Burke, Daniel J.
Professor, Biochemistry and Molecular Genetics
- PhD, , John Hopkins University
PO Box 800733
Jordan Hall, Jordan 6014A
Biochemistry, Bioinformatics and Genomics, Cell and Developmental Biology, Genetics, Microbiology
Regulation of mitosis
My lab studies a mitotic regulatory system that is essential in maintaining genomic stability and preventing tumor progression in certain types of cancers. We are studying the "spindle checkpoint" in the budding yeast Saccharomyces cerevisiae using a combination of genetics, cell biology, molecular biology, biochemistry and molecular genetics. The spindle checkpoint prevents cells from entering anaphase if even a single chromosome is detached from the spindle. Many of the yeast genes that constitute the spindle checkpoint have been identified. There are mammalian homologs of each, and recent evidence suggests that mutations in some of these genes are responsible for genomic instability that accompanies tumor progression in a variety of cancer cells. Therefore, this mitotic checkpoint is evolutionarily conserved and is vital for maintaining genomic stability in organisms from yeast to humans.
We have used classical yeast genetics to determine that cell cycle arrest via the checkpoint is induced when kinetochore function is impaired. This suggests that yeast cells monitor kinetochore attachment to the spindle and arrest cell division when attachments are incomplete. Recently we have cloned mammalian homologs of three of the yeast genes and shown that the checkpoint proteins are localized to the kinetochore. This suggests a provocative model where localizing checkpoint proteins to the kinetochore may be required to sense that chromosomes are detached from the spindle and may be an important aspect of generating the inhibitory mitotic signal.
We are interested in determining the role that the kinetochore plays in spindle checkpoint function. We have mapped the sites of interaction within the kinetochore and determined that checkpoint function is dependent on a subset of kinetochore proteins. We are also investigating the molecular basis for kinetochore-microtubule interactions. We have identified kinetochore mutants that are defective in attaching chromosomes to the mitotic spindle. We are using a genetic approach to identify and characterize the genes responsible to elucidate the molecular mechanisms responsible for this critical event in the cell cycle. We are also continuing our genetic analysis of the spindle checkpoint by looking for new genes required for checkpoint function. We are using a dominant mutant that activates the spindle checkpoint as a starting point to identify recessive mutants that eliminate checkpoint function. We are also using the dominant mutant to identify new genes required to turn off the checkpoint when cells enter anaphase.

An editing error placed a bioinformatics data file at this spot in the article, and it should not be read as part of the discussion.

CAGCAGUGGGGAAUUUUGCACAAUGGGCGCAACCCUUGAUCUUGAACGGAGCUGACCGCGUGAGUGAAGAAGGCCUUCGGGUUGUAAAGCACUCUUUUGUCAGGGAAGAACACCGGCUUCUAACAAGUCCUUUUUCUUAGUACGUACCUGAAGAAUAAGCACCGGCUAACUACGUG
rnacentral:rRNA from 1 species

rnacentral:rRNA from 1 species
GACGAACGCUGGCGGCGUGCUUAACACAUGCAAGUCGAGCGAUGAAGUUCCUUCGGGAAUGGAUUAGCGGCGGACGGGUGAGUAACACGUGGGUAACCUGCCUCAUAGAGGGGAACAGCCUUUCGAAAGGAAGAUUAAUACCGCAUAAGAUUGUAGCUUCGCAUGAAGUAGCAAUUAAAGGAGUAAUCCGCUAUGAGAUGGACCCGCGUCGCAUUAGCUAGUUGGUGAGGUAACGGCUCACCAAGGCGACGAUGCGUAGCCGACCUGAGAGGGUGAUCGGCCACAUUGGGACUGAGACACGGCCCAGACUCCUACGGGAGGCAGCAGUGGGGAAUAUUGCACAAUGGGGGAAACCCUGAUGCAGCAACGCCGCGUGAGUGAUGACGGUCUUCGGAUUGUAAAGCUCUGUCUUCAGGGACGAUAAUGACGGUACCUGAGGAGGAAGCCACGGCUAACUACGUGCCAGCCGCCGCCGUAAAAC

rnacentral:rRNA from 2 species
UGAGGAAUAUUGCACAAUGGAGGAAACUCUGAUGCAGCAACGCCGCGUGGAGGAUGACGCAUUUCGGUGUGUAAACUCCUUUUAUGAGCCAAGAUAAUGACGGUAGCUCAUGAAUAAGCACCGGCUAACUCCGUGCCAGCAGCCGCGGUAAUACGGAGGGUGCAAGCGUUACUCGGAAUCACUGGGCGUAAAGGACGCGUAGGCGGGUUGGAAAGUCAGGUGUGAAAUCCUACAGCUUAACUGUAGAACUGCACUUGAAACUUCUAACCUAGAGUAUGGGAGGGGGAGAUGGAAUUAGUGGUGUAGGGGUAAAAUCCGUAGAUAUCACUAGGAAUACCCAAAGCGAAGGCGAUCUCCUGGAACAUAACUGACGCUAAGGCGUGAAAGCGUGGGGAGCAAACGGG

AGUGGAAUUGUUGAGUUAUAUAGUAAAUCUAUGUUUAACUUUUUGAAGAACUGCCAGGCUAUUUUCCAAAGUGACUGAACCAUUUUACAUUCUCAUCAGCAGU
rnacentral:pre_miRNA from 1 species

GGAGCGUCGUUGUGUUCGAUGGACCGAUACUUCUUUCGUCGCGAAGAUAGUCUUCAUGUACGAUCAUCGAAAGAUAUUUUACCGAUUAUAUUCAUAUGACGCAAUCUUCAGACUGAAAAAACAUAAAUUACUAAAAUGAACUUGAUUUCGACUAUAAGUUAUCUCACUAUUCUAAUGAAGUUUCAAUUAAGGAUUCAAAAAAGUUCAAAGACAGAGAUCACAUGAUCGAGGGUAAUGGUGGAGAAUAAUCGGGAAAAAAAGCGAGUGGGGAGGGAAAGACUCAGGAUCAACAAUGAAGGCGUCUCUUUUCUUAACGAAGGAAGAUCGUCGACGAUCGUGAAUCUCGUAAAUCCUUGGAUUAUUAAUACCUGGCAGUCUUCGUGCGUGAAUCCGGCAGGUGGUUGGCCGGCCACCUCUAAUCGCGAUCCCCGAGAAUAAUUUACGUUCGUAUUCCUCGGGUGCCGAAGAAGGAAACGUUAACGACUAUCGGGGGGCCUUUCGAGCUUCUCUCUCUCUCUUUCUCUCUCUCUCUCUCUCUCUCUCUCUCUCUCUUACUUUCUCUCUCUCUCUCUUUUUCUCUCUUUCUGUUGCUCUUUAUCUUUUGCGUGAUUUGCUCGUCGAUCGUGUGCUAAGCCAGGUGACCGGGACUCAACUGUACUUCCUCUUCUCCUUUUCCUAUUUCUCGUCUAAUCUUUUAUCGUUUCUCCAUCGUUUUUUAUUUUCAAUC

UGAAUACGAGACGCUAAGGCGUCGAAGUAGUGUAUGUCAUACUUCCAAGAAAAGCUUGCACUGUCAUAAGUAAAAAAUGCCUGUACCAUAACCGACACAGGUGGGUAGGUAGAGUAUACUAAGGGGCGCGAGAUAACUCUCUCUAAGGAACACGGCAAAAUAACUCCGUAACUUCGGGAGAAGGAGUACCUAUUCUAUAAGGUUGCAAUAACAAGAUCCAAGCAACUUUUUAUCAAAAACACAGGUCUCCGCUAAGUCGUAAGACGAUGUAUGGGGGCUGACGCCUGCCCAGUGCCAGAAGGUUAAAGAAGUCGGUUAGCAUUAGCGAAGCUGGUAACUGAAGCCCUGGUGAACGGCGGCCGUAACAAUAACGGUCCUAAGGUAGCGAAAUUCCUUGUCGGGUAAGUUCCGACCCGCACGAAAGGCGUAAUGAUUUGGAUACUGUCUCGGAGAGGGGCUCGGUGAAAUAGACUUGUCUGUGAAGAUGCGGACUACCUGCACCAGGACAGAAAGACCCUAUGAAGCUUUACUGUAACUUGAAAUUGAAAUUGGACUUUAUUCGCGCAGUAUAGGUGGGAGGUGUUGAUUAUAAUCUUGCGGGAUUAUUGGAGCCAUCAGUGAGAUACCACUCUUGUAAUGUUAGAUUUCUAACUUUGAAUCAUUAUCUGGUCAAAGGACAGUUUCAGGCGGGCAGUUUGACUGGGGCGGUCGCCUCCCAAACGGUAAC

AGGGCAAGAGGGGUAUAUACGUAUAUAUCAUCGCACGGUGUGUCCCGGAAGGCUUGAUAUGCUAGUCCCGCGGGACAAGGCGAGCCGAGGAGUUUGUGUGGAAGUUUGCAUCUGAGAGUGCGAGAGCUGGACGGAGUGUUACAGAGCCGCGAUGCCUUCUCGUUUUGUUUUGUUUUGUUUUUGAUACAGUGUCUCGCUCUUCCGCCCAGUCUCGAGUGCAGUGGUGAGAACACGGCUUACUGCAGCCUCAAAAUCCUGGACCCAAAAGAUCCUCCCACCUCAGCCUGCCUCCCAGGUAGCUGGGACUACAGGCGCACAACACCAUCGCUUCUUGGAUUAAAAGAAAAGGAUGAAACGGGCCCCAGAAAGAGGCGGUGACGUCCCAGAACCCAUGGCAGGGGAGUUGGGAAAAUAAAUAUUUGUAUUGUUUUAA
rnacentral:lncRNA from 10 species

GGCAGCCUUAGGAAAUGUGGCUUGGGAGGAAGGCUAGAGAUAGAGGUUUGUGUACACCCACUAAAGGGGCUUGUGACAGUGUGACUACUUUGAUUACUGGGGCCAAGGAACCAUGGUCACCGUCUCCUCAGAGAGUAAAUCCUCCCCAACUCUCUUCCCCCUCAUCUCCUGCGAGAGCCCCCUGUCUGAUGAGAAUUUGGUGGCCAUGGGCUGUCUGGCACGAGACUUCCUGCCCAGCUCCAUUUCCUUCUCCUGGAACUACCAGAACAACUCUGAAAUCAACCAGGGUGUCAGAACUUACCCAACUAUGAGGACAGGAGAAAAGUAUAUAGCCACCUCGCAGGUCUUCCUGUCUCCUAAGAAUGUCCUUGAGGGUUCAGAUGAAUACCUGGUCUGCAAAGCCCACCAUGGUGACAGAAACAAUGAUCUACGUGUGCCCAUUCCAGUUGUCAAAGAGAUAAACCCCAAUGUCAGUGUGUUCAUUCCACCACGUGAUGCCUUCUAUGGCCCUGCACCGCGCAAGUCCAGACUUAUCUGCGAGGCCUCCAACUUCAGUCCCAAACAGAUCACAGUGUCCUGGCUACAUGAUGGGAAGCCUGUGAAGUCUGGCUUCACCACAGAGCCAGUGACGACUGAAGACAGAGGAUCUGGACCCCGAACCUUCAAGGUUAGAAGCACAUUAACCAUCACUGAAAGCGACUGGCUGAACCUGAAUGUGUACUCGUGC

The long-term goal is to have a complete molecular description of the checkpoint in both yeast and human cells. Some anti-cancer chemotherapies employ compounds like taxol, that inhibit cell division by activating the spindle checkpoint. We have developed a strain for high throughput screening of chemical compounds that inhibit key regulatory components of the cell cycle. We are using strains that have temperature sensitive mutations in cell cycle genes and looking for synthetic interactions that compromise the growth of the cells. We are beginning with cdc20 mutants, because Cdc20 is the target of the spindle checkpoint. Our goal is to find compounds, like taxol that are potent anti-cancer agents. We have obtained the complete set of deletion mutants of every ORF in the yeast genome and have completed a genome-wide screen for sensitivity to anti-tubulin drugs. This kind of approach should provide novel targets for combination treatments to sensitize cancer cells to chemotherapeutic agents. Finally, we are developing new approaches to genome-wide screens to identify new genes that interact with the spindle checkpoint and the response to this important class of anti-cancer drugs.